PARTS of the UK suffered major travel disruption today as they were hit by ‘thundersnow’ storms.
There was travel chaos in some areas, with more than 300 schools, roads and an airport closed - but the North East escaped the worst of it.
Passengers were stranded at Manchester Airport after snow forced it to close both its runways for several hours as bad weather struck the north of England, Scotland, Wales and Northern Ireland.
The airport reopened shortly before 2pm, but passengers were told to expect further delays.
A Met Office amber “be prepared” snow warning for northern England was downgraded to yellow, but knock-on effects are expected to continue.
The disruption was caused in part by “thundersnow” storms north of Manchester - thunderstorms where the rain is replaced by snow.
In Scotland, heavy snow led to more than 130 school closures and “very challenging” driving conditions in parts of the country.
A similar number of schools were closed in Northern Ireland, while bus routes in Belfast were disrupted and the city’s zoo was also forced to close.
The Highways Agency warned of icy roads as temperatures plummet tonight, and said its gritters will be out in force.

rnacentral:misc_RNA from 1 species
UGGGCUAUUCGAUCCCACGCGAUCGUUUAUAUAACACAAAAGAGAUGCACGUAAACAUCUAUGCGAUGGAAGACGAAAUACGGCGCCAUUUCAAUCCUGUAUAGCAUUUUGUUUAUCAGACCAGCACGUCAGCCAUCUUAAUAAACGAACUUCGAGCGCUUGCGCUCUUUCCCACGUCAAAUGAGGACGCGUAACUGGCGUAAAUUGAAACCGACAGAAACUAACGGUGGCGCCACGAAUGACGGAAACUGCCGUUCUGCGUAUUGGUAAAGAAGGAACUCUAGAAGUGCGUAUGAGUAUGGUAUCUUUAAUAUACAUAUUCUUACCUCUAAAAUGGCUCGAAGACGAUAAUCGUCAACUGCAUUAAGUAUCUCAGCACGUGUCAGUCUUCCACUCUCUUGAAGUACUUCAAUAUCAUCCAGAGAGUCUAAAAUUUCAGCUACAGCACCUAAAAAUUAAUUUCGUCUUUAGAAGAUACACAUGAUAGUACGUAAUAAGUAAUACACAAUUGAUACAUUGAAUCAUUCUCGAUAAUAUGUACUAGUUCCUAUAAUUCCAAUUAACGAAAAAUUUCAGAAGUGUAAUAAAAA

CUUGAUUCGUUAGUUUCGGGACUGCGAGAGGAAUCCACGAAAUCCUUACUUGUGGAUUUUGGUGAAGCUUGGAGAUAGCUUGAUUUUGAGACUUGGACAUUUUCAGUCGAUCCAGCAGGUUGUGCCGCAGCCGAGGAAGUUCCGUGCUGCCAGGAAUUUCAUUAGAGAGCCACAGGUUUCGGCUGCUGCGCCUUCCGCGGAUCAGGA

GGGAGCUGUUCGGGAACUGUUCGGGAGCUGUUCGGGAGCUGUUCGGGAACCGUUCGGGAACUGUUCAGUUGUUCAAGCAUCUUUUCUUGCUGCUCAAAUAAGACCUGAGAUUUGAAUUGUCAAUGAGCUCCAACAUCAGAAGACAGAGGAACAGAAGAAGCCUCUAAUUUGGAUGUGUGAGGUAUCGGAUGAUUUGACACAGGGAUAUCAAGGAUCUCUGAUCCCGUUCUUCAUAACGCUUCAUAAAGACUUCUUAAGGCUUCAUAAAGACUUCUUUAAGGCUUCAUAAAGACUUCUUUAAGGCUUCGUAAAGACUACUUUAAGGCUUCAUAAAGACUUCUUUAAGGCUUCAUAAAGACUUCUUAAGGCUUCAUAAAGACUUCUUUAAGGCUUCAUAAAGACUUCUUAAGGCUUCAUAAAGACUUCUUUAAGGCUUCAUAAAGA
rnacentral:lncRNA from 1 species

At Manchester, the country’s third busiest airport, glum-looking travellers could be seen being taken back off aircraft carrying their hand luggage.
More frustrated passengers gathered in lounges around information screens while red “cancelled” signs flashed up alongside the flight numbers of scheduled take-offs.
Outside, staff struggled to clear walkways with snow shovels as the airport repeatedly postponed the time the runways would reopen and flights get back under way.
An airport spokesman said: “Following the poor weather experienced this morning, flights have now resumed, but are subject to delays.
“The safety and security of our passengers is paramount, and we continue to make significant efforts to clear snow from other parts of the airfield.
“Further periods of poor weather are forecast for the rest of the day, and we would ask all passengers to contact their airline before travelling to Manchester Airport.”
Met Office forecaster Laura Young said the deepest snow fell in Scotland, northern England and Northern Ireland.
Tulloch Bridge in Inverness-shire had 23cm (9ins) of snow, while there was 21cm (8ins) at Glenanne in Armagh, and Spadeadam in Cumbria had 13cm (5ins).
In the North East, most routes were open, though some roads in Northumberland and County Durham were treacherous.
Showers and overnight frosts also brought the risk of icy stretches forming on untreated surfaces, while strong winds accentuated the bitter cold feel.
The weather is forecast to turn slightly milder tomorrow, reaching up to 7C in the South.
But an Arctic blast will send a fresh wave of snow and freezing temperatures over the weekend.